New voters of the AfD are also proving to be highly strained and worried. It is worth mentioning that they were consistently heavily strained financially during the last years. However, their view on society was much more positive in ’20 and ’21 and only became overcast massively in ’22.
Their perspective on the pandemic was initially even more positive and cooperative among AfD new voters (e.g. higher vaccination rate), but crumbled in ’22. Among new AfD voters, however, critical, negative, and pessimistic attitudes towards Ukraine refugees are also widespread.
What does the voting migration analysis show? Looking at what respondents voted for in the 2021 federal election, it can be seen that 39% of respondents who said they would vote for the AfD in July ’23 did so already in the federal election almost two years before.
However, another 45% of current AfD voters voted for another party at the federal election. Among them, above all, parts of the 🚥 (FDP, SPD), as well as CDU/CSU. Looking at the voting preference in between (in Nov ́22), it can be seen that the SPD’s losses occurred mainly in the 1st year after the start of the government.
On the other hand, losses for the CDU/CSU took place mainly last year. A third of the current AfD new voters previously stated in Nov ’22 that they wanted to vote for the CDU/CSU. For the AfD’s recent major gains, migration from the CDU/CSU thus appears to be much more relevant (#Mainstreaming effects).
To conclude: AfD relies on enormous dissatisfaction and mistrust in government – here AfD voters are very approachable. AfD has also recently caught on with the highly strained and highly worried; among those who feel the very homogeneously conceived societal cohesion very much threatened by immigration.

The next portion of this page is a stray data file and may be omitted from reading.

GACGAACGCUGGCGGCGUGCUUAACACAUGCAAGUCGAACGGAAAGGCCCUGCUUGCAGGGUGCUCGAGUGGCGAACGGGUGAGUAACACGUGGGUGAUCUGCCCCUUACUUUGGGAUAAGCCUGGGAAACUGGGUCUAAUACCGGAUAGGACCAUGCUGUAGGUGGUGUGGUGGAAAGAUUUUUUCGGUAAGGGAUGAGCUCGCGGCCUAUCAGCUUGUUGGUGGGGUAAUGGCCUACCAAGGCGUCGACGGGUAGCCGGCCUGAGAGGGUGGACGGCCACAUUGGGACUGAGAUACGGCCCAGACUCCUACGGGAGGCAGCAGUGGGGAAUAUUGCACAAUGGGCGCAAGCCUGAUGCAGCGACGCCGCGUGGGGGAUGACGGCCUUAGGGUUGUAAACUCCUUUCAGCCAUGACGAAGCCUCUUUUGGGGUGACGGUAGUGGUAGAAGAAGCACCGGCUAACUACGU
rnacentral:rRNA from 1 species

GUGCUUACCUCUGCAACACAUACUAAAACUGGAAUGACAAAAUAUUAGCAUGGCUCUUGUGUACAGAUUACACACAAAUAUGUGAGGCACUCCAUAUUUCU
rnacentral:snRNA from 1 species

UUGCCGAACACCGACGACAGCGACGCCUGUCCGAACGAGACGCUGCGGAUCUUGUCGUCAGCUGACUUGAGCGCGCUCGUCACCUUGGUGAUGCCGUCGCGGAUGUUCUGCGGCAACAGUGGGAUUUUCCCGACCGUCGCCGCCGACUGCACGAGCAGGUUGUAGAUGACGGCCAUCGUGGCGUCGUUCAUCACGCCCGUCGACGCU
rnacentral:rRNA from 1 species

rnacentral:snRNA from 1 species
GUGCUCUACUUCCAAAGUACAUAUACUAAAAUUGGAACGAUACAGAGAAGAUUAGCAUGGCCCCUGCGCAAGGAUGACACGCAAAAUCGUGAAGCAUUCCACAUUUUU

The AfD’s new voters were already heavily financially burdened before; however, the particular extent of the burden in the high-inflation phase ’22 and the simultaneous presence of the refugee debate (successful AfD agenda-setting) seem to be decisive for many, because (also this) report clearly shows that those who vote for the AfD do so not in spite of, but because of their anti-immigrant positions – this also applies to the new AfD voters.
AfD only as a protest vote? The relatively high level of trust among their electorate tends to suggest differently.
Hope: among new AfD voters, many are not convinced of AfD — > not so much agreement with other AfD positions (climate change, EU). These voters must be addressed with other than anti-immigrant positions. Not only do they contradict the principles of open democratic societies, they also poison the discourse, exacerbate social cleavages, and shift the boundaries of what can be said to the right, of which democratic parties also rarely benefit (see voter migration analysis).
They need to be approached with positions that are able to reduce their social and financial concerns. Good politics that tackle and solve problems and perceived injustices can ensure that people regain confidence in politics. If, however, public infrastructure often does not work or (affordable) housing is extremely scarce in many regions, creating real competition between natives and immigrants, if insufficient money is made available to successfully integrate immigrants, all this is grist to the mill for political actors who further foment distrust in democratic institutions and want to turn locals against immigrants.
Against this background, austerity policies, cutbacks in social security benefits and further delaying infrastructure spendings – in times of such political and social challenges – appear to be a very dangerous path.
see German version of this Thread with Figures here
The press release as well as the full report can be downloaded here